Cooktown Museum: Maritime Room | Interpretation and design for an exhibit celebrating the maritime history of Far North Queensland.
In 2018 the National Trust of Australia, Queensland (NTAQ) engaged Relative Creative to design and lead community engagement with local Bama (Guugu Yimidhirr) as part of their broader project to redevelop James Cook Museum for the 21st Century. As the project progressed we were engaged further to develop place identity and a brand strategy for the museum, as well as the design and interpretation of the museum’s exhibits. Installation of some museum exhibits, along with the museum’s rebranding to Cooktown Museum, commenced at the end of 2021, with ongoing design of additonal museum exhibits.
Opportunity for futures
An important and significant part of the Cooktown Museum project was to consider new, exciting and respectful ways to reimagine the way Aboriginal cultures, with a specific focus on the Guugu Yimidhirr nation, are understood and experienced in and around the building and grounds.
The Maritime Room explores the maritime history of Cooktown and surrounds, conceptualised and developed following years of close collaboration with Bama-ngay (local Aboriginal people) and other locals passionate about Cooktown’s maritime history. The development of the interpretation in the Maritime Room was supported by Richard Ferguson, Cultural Heritage Consultant and Beverly Grant.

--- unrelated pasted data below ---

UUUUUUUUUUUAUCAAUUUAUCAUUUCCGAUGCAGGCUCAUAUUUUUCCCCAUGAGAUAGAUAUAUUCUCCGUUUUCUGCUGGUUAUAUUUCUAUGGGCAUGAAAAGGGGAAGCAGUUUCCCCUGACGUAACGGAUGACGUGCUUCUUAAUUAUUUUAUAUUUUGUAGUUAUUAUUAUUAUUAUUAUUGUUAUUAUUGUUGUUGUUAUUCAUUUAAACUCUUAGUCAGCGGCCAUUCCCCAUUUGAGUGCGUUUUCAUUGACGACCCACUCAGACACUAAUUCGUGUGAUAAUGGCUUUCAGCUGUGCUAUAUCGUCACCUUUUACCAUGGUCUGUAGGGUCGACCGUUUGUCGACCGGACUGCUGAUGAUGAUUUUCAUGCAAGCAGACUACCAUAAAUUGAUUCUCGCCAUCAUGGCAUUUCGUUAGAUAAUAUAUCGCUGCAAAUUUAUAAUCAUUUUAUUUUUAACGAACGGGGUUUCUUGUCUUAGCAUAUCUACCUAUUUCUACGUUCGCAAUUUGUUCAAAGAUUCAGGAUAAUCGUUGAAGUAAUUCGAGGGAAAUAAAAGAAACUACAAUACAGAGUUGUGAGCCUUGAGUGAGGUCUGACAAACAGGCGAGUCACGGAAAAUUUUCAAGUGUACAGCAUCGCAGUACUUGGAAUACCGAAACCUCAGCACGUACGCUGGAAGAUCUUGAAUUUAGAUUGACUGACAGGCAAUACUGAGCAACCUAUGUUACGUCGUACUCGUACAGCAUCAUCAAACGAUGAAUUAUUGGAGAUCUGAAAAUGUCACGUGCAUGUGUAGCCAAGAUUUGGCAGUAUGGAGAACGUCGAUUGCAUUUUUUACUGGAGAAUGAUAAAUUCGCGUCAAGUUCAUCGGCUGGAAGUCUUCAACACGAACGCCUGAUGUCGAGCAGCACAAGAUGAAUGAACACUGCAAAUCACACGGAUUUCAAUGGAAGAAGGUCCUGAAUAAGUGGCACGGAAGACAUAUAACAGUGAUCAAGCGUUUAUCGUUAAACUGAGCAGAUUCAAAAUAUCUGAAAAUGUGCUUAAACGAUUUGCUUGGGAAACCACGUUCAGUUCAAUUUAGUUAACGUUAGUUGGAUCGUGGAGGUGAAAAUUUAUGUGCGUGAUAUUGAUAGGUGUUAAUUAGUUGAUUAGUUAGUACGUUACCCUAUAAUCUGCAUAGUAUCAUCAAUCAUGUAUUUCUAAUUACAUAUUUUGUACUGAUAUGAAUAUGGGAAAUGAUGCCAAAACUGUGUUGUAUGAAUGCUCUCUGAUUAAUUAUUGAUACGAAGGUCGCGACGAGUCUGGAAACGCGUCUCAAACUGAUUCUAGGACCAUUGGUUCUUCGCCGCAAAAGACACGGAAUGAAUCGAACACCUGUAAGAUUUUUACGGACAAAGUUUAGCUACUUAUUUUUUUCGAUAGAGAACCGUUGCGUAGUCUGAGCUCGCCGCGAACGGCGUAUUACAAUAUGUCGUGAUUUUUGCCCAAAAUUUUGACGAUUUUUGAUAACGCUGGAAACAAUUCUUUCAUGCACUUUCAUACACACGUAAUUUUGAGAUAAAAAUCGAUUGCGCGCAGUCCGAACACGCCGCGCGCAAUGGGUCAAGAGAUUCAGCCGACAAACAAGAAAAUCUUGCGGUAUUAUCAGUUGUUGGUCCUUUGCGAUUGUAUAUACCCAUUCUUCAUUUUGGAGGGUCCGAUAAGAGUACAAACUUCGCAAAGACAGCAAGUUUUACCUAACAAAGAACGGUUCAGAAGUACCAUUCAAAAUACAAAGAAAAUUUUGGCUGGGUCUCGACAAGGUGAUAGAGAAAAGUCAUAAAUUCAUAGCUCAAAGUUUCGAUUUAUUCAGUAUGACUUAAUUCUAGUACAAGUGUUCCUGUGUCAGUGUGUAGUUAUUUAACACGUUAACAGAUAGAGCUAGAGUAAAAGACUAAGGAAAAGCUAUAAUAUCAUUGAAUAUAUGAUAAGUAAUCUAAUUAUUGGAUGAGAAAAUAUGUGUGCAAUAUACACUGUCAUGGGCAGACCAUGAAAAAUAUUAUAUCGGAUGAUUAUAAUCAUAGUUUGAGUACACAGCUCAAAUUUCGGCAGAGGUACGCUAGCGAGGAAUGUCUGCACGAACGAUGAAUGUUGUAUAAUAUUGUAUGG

A focus of this room is the weaving of European histories of exploration with the historic presence of the Makkasans, maritime exploits of First Nations peoples, and Cooktown’s history as a port town. This approach captured a more nuanced history in contrast to the one of discovery and terra nullius often presented in Cook-centred narratives.
Visitors experience the exhibit in four parts of the exhibit: a journey from voyages and trade pre-dating Cook, the 48 days the HMB Endeavour crew spent ashore, the story of Reconciliation Rocks, and Cooktown’s transformation as a port town. Within this space visitors can also get up close to traditional canoes, the May-Belle and the anchor and canon from the HMB Endeavour. The room is capped off with interpretation that celebrates First Nations Innovation and Science, emphasised with connections back to Guugu Yimidhirr culture and knowledge.
We commend the National Trust of Australia, Queensland for providing the space, funds and continued trust to make this project possible and are grateful to all of the locals who have contributed their knowledge and lived experience to the project, notably Aunty Alberta Hornsby and Harold Ludwick.